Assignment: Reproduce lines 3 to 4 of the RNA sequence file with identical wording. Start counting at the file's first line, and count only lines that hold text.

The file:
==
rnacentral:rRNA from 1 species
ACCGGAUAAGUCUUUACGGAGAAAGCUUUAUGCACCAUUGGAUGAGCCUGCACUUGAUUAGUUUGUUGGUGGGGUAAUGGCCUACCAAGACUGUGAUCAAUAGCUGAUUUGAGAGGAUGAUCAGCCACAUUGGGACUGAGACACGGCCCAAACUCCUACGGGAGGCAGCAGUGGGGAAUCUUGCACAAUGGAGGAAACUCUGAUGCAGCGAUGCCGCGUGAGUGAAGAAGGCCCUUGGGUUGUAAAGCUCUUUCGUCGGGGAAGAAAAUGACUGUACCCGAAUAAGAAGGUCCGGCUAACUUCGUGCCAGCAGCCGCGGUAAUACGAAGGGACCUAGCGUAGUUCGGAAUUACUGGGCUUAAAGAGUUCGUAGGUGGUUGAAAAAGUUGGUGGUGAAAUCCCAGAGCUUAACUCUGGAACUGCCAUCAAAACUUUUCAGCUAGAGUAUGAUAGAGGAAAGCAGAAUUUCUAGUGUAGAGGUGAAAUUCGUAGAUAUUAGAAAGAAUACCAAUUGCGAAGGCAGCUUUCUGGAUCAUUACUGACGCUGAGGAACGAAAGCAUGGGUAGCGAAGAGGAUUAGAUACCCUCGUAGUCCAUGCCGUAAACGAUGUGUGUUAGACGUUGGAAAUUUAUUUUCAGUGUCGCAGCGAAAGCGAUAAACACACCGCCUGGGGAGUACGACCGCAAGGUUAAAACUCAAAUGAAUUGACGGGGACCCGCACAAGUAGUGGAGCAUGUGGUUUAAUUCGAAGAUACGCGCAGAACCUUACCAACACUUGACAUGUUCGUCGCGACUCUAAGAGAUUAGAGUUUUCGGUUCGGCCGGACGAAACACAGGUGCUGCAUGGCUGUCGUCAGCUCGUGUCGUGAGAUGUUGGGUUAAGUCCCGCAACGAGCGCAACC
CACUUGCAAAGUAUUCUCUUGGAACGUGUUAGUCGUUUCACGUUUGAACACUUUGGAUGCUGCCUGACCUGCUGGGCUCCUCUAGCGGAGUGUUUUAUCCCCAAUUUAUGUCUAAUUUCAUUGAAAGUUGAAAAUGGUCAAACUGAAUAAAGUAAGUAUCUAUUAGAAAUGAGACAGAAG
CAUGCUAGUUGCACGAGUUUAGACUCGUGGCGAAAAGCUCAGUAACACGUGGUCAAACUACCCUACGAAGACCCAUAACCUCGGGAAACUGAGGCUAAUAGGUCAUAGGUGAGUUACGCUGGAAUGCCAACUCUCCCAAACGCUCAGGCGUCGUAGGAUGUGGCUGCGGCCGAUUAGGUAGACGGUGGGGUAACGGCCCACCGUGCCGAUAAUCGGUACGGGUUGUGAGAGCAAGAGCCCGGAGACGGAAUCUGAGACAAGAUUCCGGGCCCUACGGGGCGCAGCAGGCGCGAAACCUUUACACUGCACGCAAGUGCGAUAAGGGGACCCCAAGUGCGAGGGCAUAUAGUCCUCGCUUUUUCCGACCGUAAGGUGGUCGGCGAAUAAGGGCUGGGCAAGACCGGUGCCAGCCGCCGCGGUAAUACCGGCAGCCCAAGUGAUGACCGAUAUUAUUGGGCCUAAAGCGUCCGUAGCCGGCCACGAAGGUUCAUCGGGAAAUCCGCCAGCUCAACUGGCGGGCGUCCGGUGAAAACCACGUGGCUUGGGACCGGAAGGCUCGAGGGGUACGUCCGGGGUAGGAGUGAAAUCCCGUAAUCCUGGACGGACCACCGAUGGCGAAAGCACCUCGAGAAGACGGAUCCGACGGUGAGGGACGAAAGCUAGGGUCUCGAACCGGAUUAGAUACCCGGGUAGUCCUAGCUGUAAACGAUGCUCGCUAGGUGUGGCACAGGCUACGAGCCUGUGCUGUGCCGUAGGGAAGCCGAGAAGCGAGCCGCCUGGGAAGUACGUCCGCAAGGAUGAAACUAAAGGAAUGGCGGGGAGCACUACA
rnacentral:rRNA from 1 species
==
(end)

CACUUGCAAAGUAUUCUCUUGGAACGUGUUAGUCGUUUCACGUUUGAACACUUUGGAUGCUGCCUGACCUGCUGGGCUCCUCUAGCGGAGUGUUUUAUCCCCAAUUUAUGUCUAAUUUCAUUGAAAGUUGAAAAUGGUCAAACUGAAUAAAGUAAGUAUCUAUUAGAAAUGAGACAGAAG
CAUGCUAGUUGCACGAGUUUAGACUCGUGGCGAAAAGCUCAGUAACACGUGGUCAAACUACCCUACGAAGACCCAUAACCUCGGGAAACUGAGGCUAAUAGGUCAUAGGUGAGUUACGCUGGAAUGCCAACUCUCCCAAACGCUCAGGCGUCGUAGGAUGUGGCUGCGGCCGAUUAGGUAGACGGUGGGGUAACGGCCCACCGUGCCGAUAAUCGGUACGGGUUGUGAGAGCAAGAGCCCGGAGACGGAAUCUGAGACAAGAUUCCGGGCCCUACGGGGCGCAGCAGGCGCGAAACCUUUACACUGCACGCAAGUGCGAUAAGGGGACCCCAAGUGCGAGGGCAUAUAGUCCUCGCUUUUUCCGACCGUAAGGUGGUCGGCGAAUAAGGGCUGGGCAAGACCGGUGCCAGCCGCCGCGGUAAUACCGGCAGCCCAAGUGAUGACCGAUAUUAUUGGGCCUAAAGCGUCCGUAGCCGGCCACGAAGGUUCAUCGGGAAAUCCGCCAGCUCAACUGGCGGGCGUCCGGUGAAAACCACGUGGCUUGGGACCGGAAGGCUCGAGGGGUACGUCCGGGGUAGGAGUGAAAUCCCGUAAUCCUGGACGGACCACCGAUGGCGAAAGCACCUCGAGAAGACGGAUCCGACGGUGAGGGACGAAAGCUAGGGUCUCGAACCGGAUUAGAUACCCGGGUAGUCCUAGCUGUAAACGAUGCUCGCUAGGUGUGGCACAGGCUACGAGCCUGUGCUGUGCCGUAGGGAAGCCGAGAAGCGAGCCGCCUGGGAAGUACGUCCGCAAGGAUGAAACUAAAGGAAUGGCGGGGAGCACUACA